This review was published in December 2021. Sadly, the restaurant closed down in July 2023.
Perhaps by virtue of globalisation and our (sob) 47 year membership of the EEC/EU, London has become home to an array of international restaurants, even if these are still a bit skewed to a Western palate. Other-worldly Archipelago challenges all of that and promises to take you out of your comfort zone. It has been at its current location in the shade of the BT Tower on Cleveland Street for many years already, yet for some reason I never ventured in. Two friends thought it was time to finally take the plunge – that it “would be good for us.” After all, crunchy crickets and love bug salads are the sustainable food of the future.
Open-mindedness and an Indiana Jones spirit of adventure are prerequisites for any meal at Archipelago
Inside, it’s part Beetlejuice, part The Temple of Doom. Following a password check on the door (the password is given to you when you book), staff deliver menus in parchment scrolls and fill mismatched glassware with water. This gives you enough time to take in the ornamental knick-knacks and general eccentricity. Otto’s is kitsch but gets away with it because the food and service are so brilliant. Sarastro, with its opera boxes and ‘entertainment’, takes things up a few more notches (one visit was enough for me). But this small Fitzrovia restaurant takes flamboyance to a whole new level. Putting so much emphasis on quirky design is usually the first red flag for me but I approach everything with an open mind. Open-mindedness and an Indiana Jones spirit of adventure are prerequisites for any meal at Archipelago…
Despite being in such an odd environment, service was actually very well-intentioned and friendly, even if there was little room for off-menu discretion. It seemed to be too much of an effort to make a Negroni, even though I could see gin, Campari and vermouth in the back bar. But as one of my companions reminded me, we were here to do something a bit different. So we opened proceedings with a passable Russian vodka and lime concoction, garnished with a 1980s Del Boy cocktail umbrella. It only reconfirmed the bizarre tone of the evening.
The menu boasts a kaleidoscope of influences traversing Australasia, South America, Asia, the Middle East and Africa. Not knowing where to start, we thought we might as well throw a dead cricket at the map and see where it landed. In this case, it eased us in gently with something a bit ‘safer’: Mexican pork belly had an appropriate amount of give and was cooked generally well, though the flavourless freeze-dried apple added nothing to the dish.
Then things took a turn for the weird and wonderful. A recently retired zebra came back in jerky form, with a carrot and ginger gel daubed around the plate and served on “biltong soil”. The zebra was lean, gamey and presumably had lived an energetic life on the Serengeti. (Somehow, feasting on docile alpaca seemed a bridge too far).
Meanwhile, the crocodile curry with coriander rice had a pleasant nuttiness but lacked the advertised spice. As for the crocodile itself, perhaps it wasn’t as ‘snappy’ as we were expecting: actually it wasn’t unpleasant, rather like quail or chicken, but in this case a little uninteresting. It therefore needed a really flavoursome curry to lift the dish. I’m not sure the tofu vegan alternative would’ve fared much better.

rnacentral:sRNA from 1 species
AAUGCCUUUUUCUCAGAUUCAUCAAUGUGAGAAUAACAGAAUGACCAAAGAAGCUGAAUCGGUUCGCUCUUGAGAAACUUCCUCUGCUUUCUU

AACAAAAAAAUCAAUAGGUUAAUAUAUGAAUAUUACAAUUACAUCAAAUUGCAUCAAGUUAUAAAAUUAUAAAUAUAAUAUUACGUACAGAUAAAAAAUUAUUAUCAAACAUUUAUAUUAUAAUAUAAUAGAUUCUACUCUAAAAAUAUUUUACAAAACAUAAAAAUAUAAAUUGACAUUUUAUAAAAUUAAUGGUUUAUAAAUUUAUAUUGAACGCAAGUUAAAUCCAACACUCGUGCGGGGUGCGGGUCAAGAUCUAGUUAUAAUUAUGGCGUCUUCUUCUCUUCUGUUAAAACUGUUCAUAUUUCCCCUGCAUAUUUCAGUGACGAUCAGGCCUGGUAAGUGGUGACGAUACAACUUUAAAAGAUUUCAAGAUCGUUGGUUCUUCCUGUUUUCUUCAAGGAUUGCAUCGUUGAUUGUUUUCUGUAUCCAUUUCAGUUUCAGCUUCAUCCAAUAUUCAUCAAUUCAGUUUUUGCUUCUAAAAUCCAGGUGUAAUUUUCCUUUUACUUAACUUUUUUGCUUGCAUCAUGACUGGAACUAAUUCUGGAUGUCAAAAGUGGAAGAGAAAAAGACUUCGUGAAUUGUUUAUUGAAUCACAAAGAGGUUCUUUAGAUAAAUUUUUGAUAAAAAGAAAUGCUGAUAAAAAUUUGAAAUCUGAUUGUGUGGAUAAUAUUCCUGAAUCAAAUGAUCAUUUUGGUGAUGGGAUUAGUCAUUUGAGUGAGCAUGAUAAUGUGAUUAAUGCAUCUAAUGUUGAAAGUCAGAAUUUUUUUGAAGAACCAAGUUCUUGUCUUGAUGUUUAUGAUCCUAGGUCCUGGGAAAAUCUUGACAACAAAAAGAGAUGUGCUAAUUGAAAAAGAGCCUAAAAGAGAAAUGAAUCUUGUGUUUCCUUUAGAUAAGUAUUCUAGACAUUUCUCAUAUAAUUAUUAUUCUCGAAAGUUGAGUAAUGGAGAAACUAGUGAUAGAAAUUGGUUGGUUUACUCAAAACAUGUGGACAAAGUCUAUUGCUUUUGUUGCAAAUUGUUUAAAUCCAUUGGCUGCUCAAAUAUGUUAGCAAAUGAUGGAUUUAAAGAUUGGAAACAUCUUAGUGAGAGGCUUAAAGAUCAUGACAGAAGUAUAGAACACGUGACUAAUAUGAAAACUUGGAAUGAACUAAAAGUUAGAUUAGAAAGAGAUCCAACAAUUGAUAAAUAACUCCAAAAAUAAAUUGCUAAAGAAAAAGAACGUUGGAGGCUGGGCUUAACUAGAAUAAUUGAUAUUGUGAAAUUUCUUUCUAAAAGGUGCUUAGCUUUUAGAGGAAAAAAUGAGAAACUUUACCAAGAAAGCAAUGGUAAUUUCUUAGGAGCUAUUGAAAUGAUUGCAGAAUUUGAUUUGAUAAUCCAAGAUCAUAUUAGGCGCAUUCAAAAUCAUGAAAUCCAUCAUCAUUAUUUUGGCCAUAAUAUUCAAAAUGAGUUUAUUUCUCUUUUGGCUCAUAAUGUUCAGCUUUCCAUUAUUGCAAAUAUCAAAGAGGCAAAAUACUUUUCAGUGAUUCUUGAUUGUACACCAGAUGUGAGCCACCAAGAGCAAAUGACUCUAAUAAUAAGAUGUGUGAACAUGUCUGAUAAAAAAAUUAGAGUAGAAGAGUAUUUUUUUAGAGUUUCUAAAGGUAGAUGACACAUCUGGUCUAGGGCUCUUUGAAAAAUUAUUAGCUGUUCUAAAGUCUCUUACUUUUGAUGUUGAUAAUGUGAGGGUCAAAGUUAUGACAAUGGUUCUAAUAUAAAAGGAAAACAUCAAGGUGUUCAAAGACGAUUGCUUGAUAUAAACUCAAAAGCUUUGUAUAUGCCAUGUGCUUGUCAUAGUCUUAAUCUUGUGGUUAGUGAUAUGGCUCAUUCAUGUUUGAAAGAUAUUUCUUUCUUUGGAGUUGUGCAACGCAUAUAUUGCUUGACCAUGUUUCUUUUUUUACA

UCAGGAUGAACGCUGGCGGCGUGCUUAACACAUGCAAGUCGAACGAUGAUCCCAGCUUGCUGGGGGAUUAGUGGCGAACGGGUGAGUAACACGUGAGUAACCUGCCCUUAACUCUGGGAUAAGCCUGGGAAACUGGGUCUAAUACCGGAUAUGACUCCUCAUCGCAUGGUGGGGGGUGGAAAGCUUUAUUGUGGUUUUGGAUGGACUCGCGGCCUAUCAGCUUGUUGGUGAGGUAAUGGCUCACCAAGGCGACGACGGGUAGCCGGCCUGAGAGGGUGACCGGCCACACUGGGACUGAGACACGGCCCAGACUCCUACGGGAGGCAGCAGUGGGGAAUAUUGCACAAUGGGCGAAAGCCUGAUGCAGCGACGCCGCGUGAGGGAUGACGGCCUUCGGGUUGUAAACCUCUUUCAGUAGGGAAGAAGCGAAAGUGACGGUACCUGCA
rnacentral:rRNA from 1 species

whilst international travel is such a faff right now, let alone uncertain, this is worth at least one visit for the randomness
Onto Aleppo-spiced elk with a Brazilian potato salad, taking fusion to a new zenith, this was a delicious and intriguing highlight. However, the berbere spiced lamb with duqqa powder and piri piri sauce, in some kind of bizarre three-way marriage of Ethiopian, Egyptian and South African traditions, was slightly tough and surprisingly bland.
Notably we found in reality none of the dishes seemed to match with their more alluring pictures on the website. And something needs to be done about those passé smears on the plate. But credit where it’s due: it can’t be easy cooking and maintaining such an eclectic menu.
I’m sure in some plane of existence chocolate-dipped locusts and caramel meal worms are just lovely but we declined desserts. In any case, my two fellow diners began to feel unwell. The last thing anyone needs after any kind of meal, let alone such an exotic one, is for their colon to do the conga. Fortunately I somehow managed to escape illness, so I don’t think their discomfort was due to poor hygiene in the kitchen, but perhaps simply their constitutions not being used to unusual dishes. Who knows. At the least the bill – around £60 each – didn’t require a side order of Pepto Bismol.
Overall, it’s hard to work out what this utterly bonkers restaurant is actually about. At times it feels like they’re throwing the kitchen sink at everything at the expense of finesse. Certainly, for escapism and the taste of the exotic, it has its place – and whilst international travel is such a faff right now, let alone uncertain, this is worth at least one visit for the randomness. I just doubt I’ll be returning in a hurry.
53 Cleveland Street
by J A Smith